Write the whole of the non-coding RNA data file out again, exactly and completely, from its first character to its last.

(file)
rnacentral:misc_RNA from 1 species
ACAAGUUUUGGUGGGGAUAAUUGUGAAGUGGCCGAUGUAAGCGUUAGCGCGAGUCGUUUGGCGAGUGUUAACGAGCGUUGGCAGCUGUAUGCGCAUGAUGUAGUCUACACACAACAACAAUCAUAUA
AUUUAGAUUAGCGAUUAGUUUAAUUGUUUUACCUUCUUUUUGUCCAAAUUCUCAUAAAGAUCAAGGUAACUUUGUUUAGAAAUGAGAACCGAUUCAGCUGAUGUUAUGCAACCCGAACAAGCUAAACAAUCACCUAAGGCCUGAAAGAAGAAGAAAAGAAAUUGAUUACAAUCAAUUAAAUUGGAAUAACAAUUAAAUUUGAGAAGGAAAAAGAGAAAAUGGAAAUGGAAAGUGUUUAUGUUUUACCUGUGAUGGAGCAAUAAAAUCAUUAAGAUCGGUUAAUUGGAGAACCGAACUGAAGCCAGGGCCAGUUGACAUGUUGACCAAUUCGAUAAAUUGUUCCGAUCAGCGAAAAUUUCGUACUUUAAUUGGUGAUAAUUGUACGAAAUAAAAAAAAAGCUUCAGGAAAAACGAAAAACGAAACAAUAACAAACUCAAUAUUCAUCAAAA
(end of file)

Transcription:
rnacentral:misc_RNA from 1 species
ACAAGUUUUGGUGGGGAUAAUUGUGAAGUGGCCGAUGUAAGCGUUAGCGCGAGUCGUUUGGCGAGUGUUAACGAGCGUUGGCAGCUGUAUGCGCAUGAUGUAGUCUACACACAACAACAAUCAUAUA
AUUUAGAUUAGCGAUUAGUUUAAUUGUUUUACCUUCUUUUUGUCCAAAUUCUCAUAAAGAUCAAGGUAACUUUGUUUAGAAAUGAGAACCGAUUCAGCUGAUGUUAUGCAACCCGAACAAGCUAAACAAUCACCUAAGGCCUGAAAGAAGAAGAAAAGAAAUUGAUUACAAUCAAUUAAAUUGGAAUAACAAUUAAAUUUGAGAAGGAAAAAGAGAAAAUGGAAAUGGAAAGUGUUUAUGUUUUACCUGUGAUGGAGCAAUAAAAUCAUUAAGAUCGGUUAAUUGGAGAACCGAACUGAAGCCAGGGCCAGUUGACAUGUUGACCAAUUCGAUAAAUUGUUCCGAUCAGCGAAAAUUUCGUACUUUAAUUGGUGAUAAUUGUACGAAAUAAAAAAAAAGCUUCAGGAAAAACGAAAAACGAAACAAUAACAAACUCAAUAUUCAUCAAAA